And then I did an elimination diet. You know, I was always into like detoxes and stuff. I did the elimination diet and cut out gluten. Coming out of it, I thought, you know I’m going to have some Dabeli. That’s good. Fresh herbs and wheat bulgur, whatever’s in there. And instantly, Evan, I was like four months pregnant again where I’m like, okay, this is a thing.


So, I cut out gluten. And psoriasis that I had had for 10 years went away, my arthritis went away. I didn’t have always arthritis, I had pizza and cookies, arthritis. If I’d eat either of those, I’d have arthritis in my wrist. So, I’m like, this is my thing. Food is what’s making me so sick.

IBS: Linked to Shame

I kind of noticed with my son when he was younger, if he didn’t eat what I fed him, he’d come home with like dark circles, you know? And so, food really is my family’s thing, right? And our autoimmune things are linked with it.

[00:08:16] Detective Ev: Alright. I always find this part really fascinating because, of course, this podcast is story based, but it’s supposed to be educational with these stories. And I think one thing to already learn here is, okay, 32 is when you initially answered the question as this is when it started. But we go back eight years, which is a fourth of your life at that point, that’s when the IBS diagnosis happened.

Then you had talked about the psoriasis for 10 years. Was the psoriasis even earlier than the IBS, or am I incorrect in the timeline?


[00:08:45] Kim Del Castillo: Psoriasis was, yes, earlier than the IBS. And this is something, I didn’t know if I’d go into it or not. But a lot of IBS, I’ve found, and I’ve learned, is linked to shame, feelings of shame, and you feel it in your gut.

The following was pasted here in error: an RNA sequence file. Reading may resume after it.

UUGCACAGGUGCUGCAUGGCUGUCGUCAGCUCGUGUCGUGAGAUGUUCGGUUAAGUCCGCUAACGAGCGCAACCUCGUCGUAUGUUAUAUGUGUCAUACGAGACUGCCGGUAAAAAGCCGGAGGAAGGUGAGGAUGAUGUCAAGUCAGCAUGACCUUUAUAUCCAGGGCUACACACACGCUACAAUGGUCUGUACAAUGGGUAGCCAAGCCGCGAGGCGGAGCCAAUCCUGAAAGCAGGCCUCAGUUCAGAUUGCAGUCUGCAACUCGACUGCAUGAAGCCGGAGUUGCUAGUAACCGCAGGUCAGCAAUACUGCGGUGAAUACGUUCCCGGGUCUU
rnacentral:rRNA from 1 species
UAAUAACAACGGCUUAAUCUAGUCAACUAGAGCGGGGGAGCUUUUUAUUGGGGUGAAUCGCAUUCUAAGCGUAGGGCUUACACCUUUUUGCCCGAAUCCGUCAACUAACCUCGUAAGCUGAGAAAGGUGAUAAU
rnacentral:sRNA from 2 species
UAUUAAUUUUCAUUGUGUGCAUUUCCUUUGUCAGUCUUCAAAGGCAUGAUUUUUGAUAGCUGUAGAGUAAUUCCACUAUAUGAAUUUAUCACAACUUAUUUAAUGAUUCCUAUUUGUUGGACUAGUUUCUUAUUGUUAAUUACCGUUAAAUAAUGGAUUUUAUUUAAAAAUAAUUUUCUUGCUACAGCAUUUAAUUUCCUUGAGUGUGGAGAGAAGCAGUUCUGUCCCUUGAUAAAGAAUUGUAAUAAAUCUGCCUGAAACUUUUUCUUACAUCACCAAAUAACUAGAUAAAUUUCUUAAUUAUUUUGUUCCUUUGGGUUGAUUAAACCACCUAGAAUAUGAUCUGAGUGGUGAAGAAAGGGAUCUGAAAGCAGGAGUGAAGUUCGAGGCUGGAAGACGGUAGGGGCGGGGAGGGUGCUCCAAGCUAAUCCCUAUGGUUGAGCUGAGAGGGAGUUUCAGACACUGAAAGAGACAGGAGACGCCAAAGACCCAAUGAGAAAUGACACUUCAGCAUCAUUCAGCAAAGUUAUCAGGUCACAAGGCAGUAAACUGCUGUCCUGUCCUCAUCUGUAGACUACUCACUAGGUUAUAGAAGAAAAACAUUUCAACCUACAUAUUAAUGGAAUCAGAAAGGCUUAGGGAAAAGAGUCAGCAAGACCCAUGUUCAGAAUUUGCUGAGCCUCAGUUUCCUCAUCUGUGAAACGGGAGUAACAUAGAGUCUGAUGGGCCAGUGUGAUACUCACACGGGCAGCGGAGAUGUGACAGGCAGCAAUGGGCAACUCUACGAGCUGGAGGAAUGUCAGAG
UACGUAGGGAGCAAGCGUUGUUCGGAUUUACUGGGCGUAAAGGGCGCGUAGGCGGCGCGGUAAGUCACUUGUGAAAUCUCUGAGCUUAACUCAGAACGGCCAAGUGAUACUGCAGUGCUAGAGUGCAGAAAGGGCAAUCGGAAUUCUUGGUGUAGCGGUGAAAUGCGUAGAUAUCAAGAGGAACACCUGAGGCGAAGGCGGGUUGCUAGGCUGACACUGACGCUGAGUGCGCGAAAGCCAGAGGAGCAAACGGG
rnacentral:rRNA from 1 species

Now, right before I was diagnosed with IBS, I was a single mom, pregnant. I didn’t really feel ashamed, but I do feel like your family shames you. People in the store shame you when they look, they see you’re pregnant and you’re not wearing a ring. You internalize that in your gut, you know?

So, right after having this son, who’s like a gift, who’s awesome, you know, he’s 23 now, right after having him was the first time I was diagnosed with IBS.

IBS: Warning Signs

[00:09:38] Detective Ev: You did not mention that. So, thank you, actually, for sharing that because I really appreciate when people get on here and are just transparent about what was going on in their mind at the time. Because that’s the stuff that relates to people.

You and I have talked about it before privately, but no, I’ve never heard anyone say that on the podcast, and it makes total sense. I’m sure there’s a variety of reasons for this, but it’s very common to hear a story of a woman being pregnant or giving birth and then a diagnosis comes out. Right? Especially with like the thyroid stuff, that happens a lot.

But my original point is, the psoriasis was even before the IBS. So, before we really start getting serious about the health stuff or looking at it as a major issue, there’s over 10 years of things going on. Then I’m curious. You know, youth and teenage years, did you have stomach issues or random headaches or skin stuff, or did you feel overall pretty good in youth and teens?

[00:10:26] Kim Del Castillo: I felt pretty good. I didn’t have acne. You know, I didn’t really have things going on when I was young.


[00:10:32] Detective Ev: Okay. So still, we have about 10 years before the major stuff starts coming out, depending on how you define major. And I think this is one of the biggest learning experiences for people listening to the show, this stuff has warning signs.

Like there’s always something going on beforehand, normally, and some of this stuff gets looked at as small. Like if you just have a patch of psoriasis and you go into the doctor that really is not looked at as a big deal.